Executive Director, 2003 – 2019
Clinical Director, 1993 – 1997
There is no place quite like Stonehenge – the courage, commitment and passion. Within the 25 years I have worked in the field, I have spent sixteen at Stonehenge – three as the Clinical Director and now thirteen as the Executive Director. The reasons I work here are many:
The incredible vulnerability and courage in the faces of the people who come each Tuesday to be admitted – to leave their home, separate from their children or partners, leave everything that is familiar, to come to a place they do not know, to fight the fight of their life – to dig deep and rally hard.
The man who cried in the waiting room when I offered him some food and drink as he had travelled all night on the bus from Thunder Bay – no one had been so kind in a long time.
The celebration of Commencement – the comradery, family, friends and accomplishment after a long journey – going out into the community full of hope, fear and anticipation.
The man in the housing program who celebrated his WED – Warrant Expiry Date – the first time he has been “free” (of correctional involvement) since he was 14 years old – that was 20 years ago.
The taxi driver who comes in every December to just say Merry Christmas; because Stonehenge is his family. I don’t know him because he completed treatment 25 years ago but it doesn’t matter – the place is home to him and we are all part of Stonehenge.
The mother and grandmother who send a card and donation every year with the notation “thanks for saving my son’s life”.
My first glimpse of Stonehenge was during a tour in 1992. I was a student at Wilfrid Laurier University completing my Masters of Social Work degree. I remember the beautiful setting, Dougan century home and the hard work of the residents refinishing the woodwork. But most of all I remembered my tour – a tour given by a participant in the program who courageously shared her story, her fear and hopes and her journey in recovery. I didn’t know what a therapeutic community was but I was touched by this woman’s story and courage. I had no idea that day that I would join the staff team 2 years later as the Clinical Director.
In 1994 when I joined the Agency, Stonehenge was experiencing its biggest change since its inception in 1971. Under the leadership of Executive Director Lucy Hume, the residential program shortened from 2 years to 6 months and the first of our community programs was founded – the 2-year Aftercare Program. I was honored to be part of this restructure and very privileged to have Lucy Hume as my mentor and Susy Cannon as my co-worker and coach. Lucy was integral to the transformation of the program during her 8 years in her role and Susy dedicated 25 years to Stonehenge coming to her role from Homewood Health Centre in 1980.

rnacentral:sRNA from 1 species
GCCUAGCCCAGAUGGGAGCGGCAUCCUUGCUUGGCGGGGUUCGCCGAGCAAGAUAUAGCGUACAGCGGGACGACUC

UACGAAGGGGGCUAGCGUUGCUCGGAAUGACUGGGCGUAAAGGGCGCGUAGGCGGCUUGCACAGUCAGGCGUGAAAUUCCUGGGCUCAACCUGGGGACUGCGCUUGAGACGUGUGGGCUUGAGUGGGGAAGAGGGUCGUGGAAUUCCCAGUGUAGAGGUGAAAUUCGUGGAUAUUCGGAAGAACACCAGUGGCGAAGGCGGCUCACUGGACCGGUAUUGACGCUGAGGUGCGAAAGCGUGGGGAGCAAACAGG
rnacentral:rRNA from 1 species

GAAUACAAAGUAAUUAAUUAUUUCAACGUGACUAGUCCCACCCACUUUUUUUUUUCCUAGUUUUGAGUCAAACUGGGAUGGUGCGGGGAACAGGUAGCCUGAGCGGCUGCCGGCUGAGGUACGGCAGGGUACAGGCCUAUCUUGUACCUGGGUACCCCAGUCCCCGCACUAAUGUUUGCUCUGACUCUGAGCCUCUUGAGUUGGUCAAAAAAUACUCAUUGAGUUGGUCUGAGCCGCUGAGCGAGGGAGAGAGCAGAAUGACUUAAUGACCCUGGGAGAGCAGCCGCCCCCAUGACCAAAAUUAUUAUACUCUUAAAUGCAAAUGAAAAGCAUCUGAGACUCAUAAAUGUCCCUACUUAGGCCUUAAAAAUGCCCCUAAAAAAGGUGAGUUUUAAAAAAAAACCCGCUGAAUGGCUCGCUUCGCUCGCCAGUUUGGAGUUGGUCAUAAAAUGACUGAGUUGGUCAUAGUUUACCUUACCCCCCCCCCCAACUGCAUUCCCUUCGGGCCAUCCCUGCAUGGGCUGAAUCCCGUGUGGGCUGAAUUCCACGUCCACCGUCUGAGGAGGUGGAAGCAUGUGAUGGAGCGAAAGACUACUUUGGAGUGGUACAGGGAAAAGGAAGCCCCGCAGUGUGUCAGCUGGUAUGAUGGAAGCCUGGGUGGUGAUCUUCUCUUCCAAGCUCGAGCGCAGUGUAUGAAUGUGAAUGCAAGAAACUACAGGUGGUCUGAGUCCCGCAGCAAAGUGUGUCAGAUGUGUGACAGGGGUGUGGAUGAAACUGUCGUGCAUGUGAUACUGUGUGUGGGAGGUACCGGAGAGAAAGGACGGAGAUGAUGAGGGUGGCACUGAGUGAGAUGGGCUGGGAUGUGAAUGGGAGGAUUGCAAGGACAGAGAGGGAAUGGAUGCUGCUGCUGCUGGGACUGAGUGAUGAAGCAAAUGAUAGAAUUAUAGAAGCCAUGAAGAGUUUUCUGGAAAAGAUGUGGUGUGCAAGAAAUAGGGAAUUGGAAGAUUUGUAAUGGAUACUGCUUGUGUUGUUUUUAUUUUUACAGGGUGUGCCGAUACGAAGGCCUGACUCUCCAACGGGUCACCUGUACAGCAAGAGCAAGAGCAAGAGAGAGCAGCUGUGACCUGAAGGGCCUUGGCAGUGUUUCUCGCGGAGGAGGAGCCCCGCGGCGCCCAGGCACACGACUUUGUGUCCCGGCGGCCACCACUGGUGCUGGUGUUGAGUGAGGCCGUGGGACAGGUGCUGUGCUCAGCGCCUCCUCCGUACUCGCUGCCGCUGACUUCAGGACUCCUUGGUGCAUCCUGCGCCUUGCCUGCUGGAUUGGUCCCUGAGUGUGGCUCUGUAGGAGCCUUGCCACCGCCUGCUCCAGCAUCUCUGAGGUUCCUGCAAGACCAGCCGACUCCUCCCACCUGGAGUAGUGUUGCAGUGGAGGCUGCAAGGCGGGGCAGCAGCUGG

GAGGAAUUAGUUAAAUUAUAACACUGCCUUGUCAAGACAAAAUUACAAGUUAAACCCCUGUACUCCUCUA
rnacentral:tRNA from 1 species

I have always felt Dr. Dougan’s presence at Stonehenge. As the founder of STC, he had a vision in 1971 that has rooted and grown into a renowned addiction agency. In the last five years we have expanded with growth into local and regional community-based programs such as supportive housing, court support, outreach, support coordination and withdrawal supports. We have more than doubled our size. We have come a long way since that first community program in 1994 thanks to the hard work of the staff, board, alumni and the valuable feedback from our residents and clients to build our programs.
No one – resident, client or staff – comes to Stonehenge without it having a significant impact on their lives. I have learned from everyone whom I have interacted with at Stonehenge. Residents over the years have taught me the best practices to support addiction and trauma issues. Each change in the Board of Directors brings a new mentor or coach with a gem of learning I am meant to experience. The passion and commitment of the staff team are like no other. Over the years, during times of crisis, the team has come together intuitively and seamlessly to support one another, as well as the community, through to the other side. That, in particular, has been profound to me.
It has been an honor to be part of this leg of the journey. My 13 years is only a small portion in Stonehenge’s 45-year history. We are all small pieces in that history. It speaks to the therapeutic community model and culture at Stonehenge. It’s what I love most about STC – that we all experience the journey together. It is much bigger than all of us.
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The man who takes a stone – a Stonehenge stone – to court with him to hold him strong and steady as he testifies against the person who abused him when he was a boy. When he returns he puts it into my hand, warm and rubbed clean, saying despite what lies ahead in his healing – he found a voice, a voice no one will take from him again.